Break out the coats, gloves and stocking caps.
Saturday’s unusually warm weather will be gone today as a cold front blows through with a vengeance bringing freezing temperatures and a chance for the Quad-Cities to see the first snowflakes of the season.
The high Saturday of 71 degrees tied a record for the day set in 1949, bringing out people in shorts and spending the day in parks. Meteorologist Tom Olsen of the National Weather Service, Davenport, said today’s high temperature will hit 61 degrees, but it won’t be there for long.
A low pressure system centered over central Minnesota on Saturday night was moving quickly southwest into Kansas and is going to wrap back around and take aim at the Quad-Cities, he said.
“That cold sector is expected to begin pushing through sometime mid- to late morning,” Olsen said. “Then, the brunt of it will come through in the afternoon.”
Showers and thunderstorms are likely before noon, he said. Then it likely will be just showers in the afternoon.
“It’s moving fast,” Olsen said of the storm system. “We could see a mixture of rain and snow by sunset.”
Snow accumulations are expected to be light, not exceeding a dusting, he said. However, rain totals of three-quarters of an inch to 1 1/2 inches are likely.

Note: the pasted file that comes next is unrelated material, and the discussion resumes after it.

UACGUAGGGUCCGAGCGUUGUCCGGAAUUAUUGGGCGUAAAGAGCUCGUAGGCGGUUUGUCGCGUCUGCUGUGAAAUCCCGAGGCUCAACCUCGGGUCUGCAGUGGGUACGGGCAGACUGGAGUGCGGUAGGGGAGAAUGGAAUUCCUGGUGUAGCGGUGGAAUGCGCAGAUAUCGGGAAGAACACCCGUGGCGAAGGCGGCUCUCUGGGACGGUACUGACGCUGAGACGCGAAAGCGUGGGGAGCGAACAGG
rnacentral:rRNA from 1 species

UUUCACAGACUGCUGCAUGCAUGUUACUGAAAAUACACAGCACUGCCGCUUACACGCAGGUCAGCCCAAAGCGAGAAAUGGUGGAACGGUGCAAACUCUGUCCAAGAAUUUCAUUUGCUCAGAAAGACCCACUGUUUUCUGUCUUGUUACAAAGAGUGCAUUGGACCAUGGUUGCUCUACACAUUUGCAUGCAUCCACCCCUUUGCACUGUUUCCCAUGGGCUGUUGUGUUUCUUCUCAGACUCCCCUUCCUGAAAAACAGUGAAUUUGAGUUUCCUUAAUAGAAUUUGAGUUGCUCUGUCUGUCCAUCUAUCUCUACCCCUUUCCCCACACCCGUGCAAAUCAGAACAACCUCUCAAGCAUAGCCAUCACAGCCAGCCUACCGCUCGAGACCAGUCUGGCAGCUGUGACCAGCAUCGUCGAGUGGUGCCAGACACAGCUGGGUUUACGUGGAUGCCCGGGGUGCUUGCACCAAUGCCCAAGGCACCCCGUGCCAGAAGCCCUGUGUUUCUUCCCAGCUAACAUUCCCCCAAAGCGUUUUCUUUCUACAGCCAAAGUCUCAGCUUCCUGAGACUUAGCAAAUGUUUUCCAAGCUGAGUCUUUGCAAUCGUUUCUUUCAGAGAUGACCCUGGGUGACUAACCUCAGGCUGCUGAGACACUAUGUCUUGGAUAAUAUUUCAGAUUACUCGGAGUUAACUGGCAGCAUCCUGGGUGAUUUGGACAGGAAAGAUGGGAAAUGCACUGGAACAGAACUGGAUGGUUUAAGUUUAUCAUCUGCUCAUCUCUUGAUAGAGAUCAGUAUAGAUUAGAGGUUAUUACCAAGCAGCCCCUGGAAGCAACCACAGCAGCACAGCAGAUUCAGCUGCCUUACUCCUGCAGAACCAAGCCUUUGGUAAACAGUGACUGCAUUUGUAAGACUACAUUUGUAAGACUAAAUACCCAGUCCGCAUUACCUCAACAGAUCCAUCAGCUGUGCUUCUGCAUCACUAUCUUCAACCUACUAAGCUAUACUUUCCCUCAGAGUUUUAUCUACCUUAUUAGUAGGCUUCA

The rain is badly needed.
According to the U.S. Drought Monitor last week, most of central and western Iowa remains in an extreme drought. The entire Quad-City region, as well as all of northern Illinois, remains in severe drought conditions.
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The high temperature Monday is expected to reach only 34 degrees under sunny skies while the overnight low dips to 23 degrees.
Olsen said the colder weather won’t be around for long, as more normal temperatures will return by the middle of the week.
By Tuesday, the mercury will begin to rebound with a high reaching into the lower 40s. By Wednesday, high temperatures are expected to be back into the upper 40s or lower 50s under mostly sunny skies. High temperatures in the 50s should remain through Saturday with mostly sunny skies.
On a side note, the first one-inch snowfall usually falls on average about Dec. 6, Olsen said. The earliest the Quad-Cities has seen the first inch of snow is Oct. 18, 1972. The latest date for that first inch to fall was Feb. 10, in 1943.